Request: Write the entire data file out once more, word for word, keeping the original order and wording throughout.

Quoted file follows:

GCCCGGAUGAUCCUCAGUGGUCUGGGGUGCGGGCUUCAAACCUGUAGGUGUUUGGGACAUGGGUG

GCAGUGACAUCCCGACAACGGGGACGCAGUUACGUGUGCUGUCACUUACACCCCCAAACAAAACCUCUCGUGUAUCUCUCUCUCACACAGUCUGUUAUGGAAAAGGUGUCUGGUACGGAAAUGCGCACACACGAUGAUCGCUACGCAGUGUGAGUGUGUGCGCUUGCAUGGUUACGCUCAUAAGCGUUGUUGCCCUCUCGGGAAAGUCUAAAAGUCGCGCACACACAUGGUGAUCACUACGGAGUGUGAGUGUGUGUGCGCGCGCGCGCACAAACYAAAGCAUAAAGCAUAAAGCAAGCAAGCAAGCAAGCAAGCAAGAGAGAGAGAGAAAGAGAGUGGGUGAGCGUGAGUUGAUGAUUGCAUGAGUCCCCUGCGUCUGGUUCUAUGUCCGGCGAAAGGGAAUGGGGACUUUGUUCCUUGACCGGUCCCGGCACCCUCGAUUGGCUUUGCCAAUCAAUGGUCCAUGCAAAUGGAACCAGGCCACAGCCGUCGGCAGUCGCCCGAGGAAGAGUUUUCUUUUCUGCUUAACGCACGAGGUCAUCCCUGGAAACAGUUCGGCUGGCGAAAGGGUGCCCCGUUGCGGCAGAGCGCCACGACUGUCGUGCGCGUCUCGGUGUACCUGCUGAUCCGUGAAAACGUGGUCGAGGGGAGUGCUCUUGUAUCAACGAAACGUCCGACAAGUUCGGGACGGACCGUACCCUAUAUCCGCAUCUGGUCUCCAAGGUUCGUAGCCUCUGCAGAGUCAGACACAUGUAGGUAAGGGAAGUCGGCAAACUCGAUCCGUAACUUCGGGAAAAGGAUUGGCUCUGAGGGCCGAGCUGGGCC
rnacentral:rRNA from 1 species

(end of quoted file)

GCCCGGAUGAUCCUCAGUGGUCUGGGGUGCGGGCUUCAAACCUGUAGGUGUUUGGGACAUGGGUG

GCAGUGACAUCCCGACAACGGGGACGCAGUUACGUGUGCUGUCACUUACACCCCCAAACAAAACCUCUCGUGUAUCUCUCUCUCACACAGUCUGUUAUGGAAAAGGUGUCUGGUACGGAAAUGCGCACACACGAUGAUCGCUACGCAGUGUGAGUGUGUGCGCUUGCAUGGUUACGCUCAUAAGCGUUGUUGCCCUCUCGGGAAAGUCUAAAAGUCGCGCACACACAUGGUGAUCACUACGGAGUGUGAGUGUGUGUGCGCGCGCGCGCACAAACYAAAGCAUAAAGCAUAAAGCAAGCAAGCAAGCAAGCAAGCAAGAGAGAGAGAGAAAGAGAGUGGGUGAGCGUGAGUUGAUGAUUGCAUGAGUCCCCUGCGUCUGGUUCUAUGUCCGGCGAAAGGGAAUGGGGACUUUGUUCCUUGACCGGUCCCGGCACCCUCGAUUGGCUUUGCCAAUCAAUGGUCCAUGCAAAUGGAACCAGGCCACAGCCGUCGGCAGUCGCCCGAGGAAGAGUUUUCUUUUCUGCUUAACGCACGAGGUCAUCCCUGGAAACAGUUCGGCUGGCGAAAGGGUGCCCCGUUGCGGCAGAGCGCCACGACUGUCGUGCGCGUCUCGGUGUACCUGCUGAUCCGUGAAAACGUGGUCGAGGGGAGUGCUCUUGUAUCAACGAAACGUCCGACAAGUUCGGGACGGACCGUACCCUAUAUCCGCAUCUGGUCUCCAAGGUUCGUAGCCUCUGCAGAGUCAGACACAUGUAGGUAAGGGAAGUCGGCAAACUCGAUCCGUAACUUCGGGAAAAGGAUUGGCUCUGAGGGCCGAGCUGGGCC
rnacentral:rRNA from 1 species